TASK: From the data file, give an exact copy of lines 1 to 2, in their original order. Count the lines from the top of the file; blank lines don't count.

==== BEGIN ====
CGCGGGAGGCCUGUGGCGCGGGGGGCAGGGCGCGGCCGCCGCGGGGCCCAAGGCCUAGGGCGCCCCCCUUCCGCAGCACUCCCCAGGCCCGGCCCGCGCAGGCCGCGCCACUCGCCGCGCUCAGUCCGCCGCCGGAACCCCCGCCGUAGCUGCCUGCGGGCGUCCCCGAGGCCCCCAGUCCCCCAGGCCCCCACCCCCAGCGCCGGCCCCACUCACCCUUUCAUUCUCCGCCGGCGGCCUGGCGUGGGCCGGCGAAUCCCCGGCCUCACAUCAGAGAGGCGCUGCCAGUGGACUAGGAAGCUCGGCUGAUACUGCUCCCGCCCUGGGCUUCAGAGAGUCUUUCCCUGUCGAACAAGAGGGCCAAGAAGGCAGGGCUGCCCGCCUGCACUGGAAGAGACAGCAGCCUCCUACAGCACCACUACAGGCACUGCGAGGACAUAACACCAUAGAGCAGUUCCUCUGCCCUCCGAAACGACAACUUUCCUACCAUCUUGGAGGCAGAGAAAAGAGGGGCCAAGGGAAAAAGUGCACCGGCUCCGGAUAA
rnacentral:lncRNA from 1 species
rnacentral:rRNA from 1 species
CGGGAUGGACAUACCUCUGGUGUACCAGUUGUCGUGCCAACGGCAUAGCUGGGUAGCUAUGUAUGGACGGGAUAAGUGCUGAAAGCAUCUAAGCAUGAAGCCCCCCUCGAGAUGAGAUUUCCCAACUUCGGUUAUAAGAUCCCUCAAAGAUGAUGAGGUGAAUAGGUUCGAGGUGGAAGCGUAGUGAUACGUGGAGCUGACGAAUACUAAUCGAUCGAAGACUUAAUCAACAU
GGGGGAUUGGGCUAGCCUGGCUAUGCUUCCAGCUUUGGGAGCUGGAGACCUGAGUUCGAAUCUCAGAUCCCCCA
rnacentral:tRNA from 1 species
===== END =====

CGCGGGAGGCCUGUGGCGCGGGGGGCAGGGCGCGGCCGCCGCGGGGCCCAAGGCCUAGGGCGCCCCCCUUCCGCAGCACUCCCCAGGCCCGGCCCGCGCAGGCCGCGCCACUCGCCGCGCUCAGUCCGCCGCCGGAACCCCCGCCGUAGCUGCCUGCGGGCGUCCCCGAGGCCCCCAGUCCCCCAGGCCCCCACCCCCAGCGCCGGCCCCACUCACCCUUUCAUUCUCCGCCGGCGGCCUGGCGUGGGCCGGCGAAUCCCCGGCCUCACAUCAGAGAGGCGCUGCCAGUGGACUAGGAAGCUCGGCUGAUACUGCUCCCGCCCUGGGCUUCAGAGAGUCUUUCCCUGUCGAACAAGAGGGCCAAGAAGGCAGGGCUGCCCGCCUGCACUGGAAGAGACAGCAGCCUCCUACAGCACCACUACAGGCACUGCGAGGACAUAACACCAUAGAGCAGUUCCUCUGCCCUCCGAAACGACAACUUUCCUACCAUCUUGGAGGCAGAGAAAAGAGGGGCCAAGGGAAAAAGUGCACCGGCUCCGGAUAA
rnacentral:lncRNA from 1 species